A circuit breaker, to most design engineers, is thought of as a low-cost commodity component that usually doesn't get much attention when designing a new piece of equipment or system. In fact, on many occasions I have heard someone say, "It doesn't matter; I just need a circuit breaker." Yet a circuit breaker is an extremely important system component, and should not be handled in such a cavalier fashion. They are used to protect valuable equipment or devices from damage or more importantly they are used to prevent a life-threatening system disaster such as fire. It is important to take the time and make sure that the circuit breaker you are selecting is not only the right type for your application but it is also of high quality.
Today, there are many circuit breaker choices to fit virtually any industrial DIN rail application. However, even with so many choices available, selecting the proper circuit breaker can be an easy task. there are five questions that have to be answered in the selection process:
- What is to be protected, wires or devices?
- What is the voltage type, AC or DC?
- What is the circuit or device current rating?
- How many poles are required, 1, 2 or 3 pole?
- What is the inrush current level, and the desired trip curve — short, medium or long?
DIN rail circuit breakers are available in different package configurations ranging from a high-density space-saving size of 13mm per pole to 26mm per pole for a high-current type. Over the last few years, the price of a high quality circuit breaker has dropped below $10.00 per pole. This transition has allowed many more DIN rail mount circuit breakers to be used in place of fuses and fuse holders. In addition to being a cost savings, the circuit breaker is much more convenient; when a fuse blows, it has to be replaced by a new one; when a circuit breaker trips, it simply has to be reset.
Supplementary circuit breakers, often referred to as UL1077 circuit breakers, are protectors that are typically used to provide protection to a device. Usually a branch UL489 circuit breaker is already installed up stream of the supplementary circuit breakers to protect the circuit wiring. Most supplementary circuit breakers are available in one, two and three poles with the option of short (B), medium (C) and long (D) trip curves. They typically can handle a minimum rating of 1A and a maximum amp rating of 63A. For convenience and ease of use the circuit breakers selected should have a reliable wire connection and have an on/off indicator to minimize troubleshooting time.
The branch circuit breakers, often referred to as UL489 circuit breakers are used in most applications for protecting the circuit wiring and preventing a fire. Due to the strict testing requirements by UL, the DIN rail mount branch circuit breakers are not available in as many configurations or sizes. However, they are typically available in one and two pole versions with current ratings of 1 to 25 amps. Branch circuit UL489 circuit breakers are UL listed so these breakers can be used in applications where a listed breaker is required.
The DC circuit breakers are used in applications to provide protection where direct current or DC voltage is used. DC circuit breakers are available in both UL1077 and UL489 versions. Generally the DC circuit breakers are available in one or two poles with the short (B) or medium (C) trip curves. They are available with current ratings ranging from 1 to 63 Amps.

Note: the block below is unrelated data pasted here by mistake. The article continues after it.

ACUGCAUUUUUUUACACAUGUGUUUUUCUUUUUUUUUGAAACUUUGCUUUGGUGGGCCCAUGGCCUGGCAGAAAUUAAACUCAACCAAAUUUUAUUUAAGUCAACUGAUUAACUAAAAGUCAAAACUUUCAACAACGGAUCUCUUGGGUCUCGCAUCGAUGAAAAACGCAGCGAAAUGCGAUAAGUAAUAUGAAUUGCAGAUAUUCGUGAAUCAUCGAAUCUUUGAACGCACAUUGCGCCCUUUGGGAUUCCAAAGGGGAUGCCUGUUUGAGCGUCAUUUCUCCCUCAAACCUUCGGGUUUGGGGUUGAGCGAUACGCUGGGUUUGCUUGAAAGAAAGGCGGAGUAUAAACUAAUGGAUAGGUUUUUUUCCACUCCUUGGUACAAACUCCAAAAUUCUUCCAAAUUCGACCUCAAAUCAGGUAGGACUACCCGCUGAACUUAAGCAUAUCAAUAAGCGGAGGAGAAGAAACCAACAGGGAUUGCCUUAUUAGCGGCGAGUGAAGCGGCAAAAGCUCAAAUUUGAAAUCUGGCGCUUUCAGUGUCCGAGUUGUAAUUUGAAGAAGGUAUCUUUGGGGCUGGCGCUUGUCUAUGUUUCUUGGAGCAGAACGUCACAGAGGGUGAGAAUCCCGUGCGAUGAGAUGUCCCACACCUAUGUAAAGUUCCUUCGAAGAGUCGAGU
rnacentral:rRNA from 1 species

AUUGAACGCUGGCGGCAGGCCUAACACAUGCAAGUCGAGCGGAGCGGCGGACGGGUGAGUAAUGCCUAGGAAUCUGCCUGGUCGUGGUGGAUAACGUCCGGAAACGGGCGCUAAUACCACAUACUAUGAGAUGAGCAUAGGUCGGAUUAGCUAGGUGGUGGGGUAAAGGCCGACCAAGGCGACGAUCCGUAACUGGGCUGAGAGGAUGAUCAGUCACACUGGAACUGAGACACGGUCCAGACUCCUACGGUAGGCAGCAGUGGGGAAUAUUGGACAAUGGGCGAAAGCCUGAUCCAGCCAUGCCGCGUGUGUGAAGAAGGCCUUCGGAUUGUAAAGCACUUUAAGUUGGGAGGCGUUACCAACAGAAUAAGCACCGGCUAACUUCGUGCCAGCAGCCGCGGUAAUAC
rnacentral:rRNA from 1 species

The high current circuit breakers are used in applications to protect devices with current requirements higher than 63 amps. Whereas most DIN rail mounted circuit breakers have a maximum rating of 63 amps, the high current circuit breakers are unique to only a few manufacturers and have a current rating up to 125 amps. These circuit breakers are UL1077 approved for use as supplemental protectors and are available in 1, 2 and 3-pole versions with the option of medium (C) or long (D) trip curves. In some applications the high current circuit breakers are a cost-effective solution to replacing expensive molded case circuit breakers (MCCB).
Ground Fault Protection
The ground fault circuit breaker is used to provide protection to equipment that is located in wet or damp environments. The way this device works is when a ground fault or earth leakage greater than 30mA is detected the unit trips and opens the circuit breaker. On most ground fault circuit breakers a visual trip indicator and push to test button are standard features.
Circuit breakers have useful accessories that are easy to wire — screw-clamp connections and DIN rail mounting to save valuable time. A shunt release is easily installed on the left hand side of the circuit breaker. It provides remote control tripping and indicates circuit breaker status. An alarm contact and auxiliary contact can be used to indicate if a circuit breaker is open or closed. A helpful accessory is a lockout/tagout. This accessory is a locking lever that can be added to the circuit breaker after installation for those applications that require lockout/tagout. It allows the circuit breaker to be locked in either the open or the closed position. When in place, the lockout accessory does not impede the ability of the circuit breaker to trip. In addition, the lockout/tagout accessory is designed so that up to 3 padlocks can be added to the breaker.
Selecting a proper circuit breaker to match the application can be easy, provided all the circuit specifications are met. It is an important component in the system that cannot be overlooked, because it is providing needed protection for expensive devices and used to prevent system disasters.
Contact: Automation Systems Interconnect, Inc., PO Box 1340, Mechanicsburg, PA 17055 877-658-5160 or 717-249-5581 fax: 717-249-5542 Web: http://www.asi-ez.com